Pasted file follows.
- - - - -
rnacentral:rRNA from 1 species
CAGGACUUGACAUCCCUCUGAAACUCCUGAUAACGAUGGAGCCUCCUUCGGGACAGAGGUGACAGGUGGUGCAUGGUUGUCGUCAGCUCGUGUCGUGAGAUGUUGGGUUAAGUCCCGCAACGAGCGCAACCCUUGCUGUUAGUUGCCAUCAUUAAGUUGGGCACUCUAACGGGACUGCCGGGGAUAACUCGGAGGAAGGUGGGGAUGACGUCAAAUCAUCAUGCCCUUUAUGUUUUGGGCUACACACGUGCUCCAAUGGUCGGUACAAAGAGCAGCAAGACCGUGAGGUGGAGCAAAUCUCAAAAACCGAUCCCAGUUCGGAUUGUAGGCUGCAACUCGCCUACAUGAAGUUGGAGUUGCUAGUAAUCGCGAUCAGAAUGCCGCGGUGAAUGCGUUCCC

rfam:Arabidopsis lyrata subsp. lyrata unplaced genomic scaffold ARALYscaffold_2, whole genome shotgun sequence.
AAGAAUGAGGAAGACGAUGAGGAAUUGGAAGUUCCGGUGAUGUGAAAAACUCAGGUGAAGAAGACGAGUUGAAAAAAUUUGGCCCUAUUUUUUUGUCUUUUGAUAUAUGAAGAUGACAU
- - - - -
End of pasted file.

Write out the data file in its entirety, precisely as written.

rnacentral:rRNA from 1 species
CAGGACUUGACAUCCCUCUGAAACUCCUGAUAACGAUGGAGCCUCCUUCGGGACAGAGGUGACAGGUGGUGCAUGGUUGUCGUCAGCUCGUGUCGUGAGAUGUUGGGUUAAGUCCCGCAACGAGCGCAACCCUUGCUGUUAGUUGCCAUCAUUAAGUUGGGCACUCUAACGGGACUGCCGGGGAUAACUCGGAGGAAGGUGGGGAUGACGUCAAAUCAUCAUGCCCUUUAUGUUUUGGGCUACACACGUGCUCCAAUGGUCGGUACAAAGAGCAGCAAGACCGUGAGGUGGAGCAAAUCUCAAAAACCGAUCCCAGUUCGGAUUGUAGGCUGCAACUCGCCUACAUGAAGUUGGAGUUGCUAGUAAUCGCGAUCAGAAUGCCGCGGUGAAUGCGUUCCC

rfam:Arabidopsis lyrata subsp. lyrata unplaced genomic scaffold ARALYscaffold_2, whole genome shotgun sequence.
AAGAAUGAGGAAGACGAUGAGGAAUUGGAAGUUCCGGUGAUGUGAAAAACUCAGGUGAAGAAGACGAGUUGAAAAAAUUUGGCCCUAUUUUUUUGUCUUUUGAUAUAUGAAGAUGACAU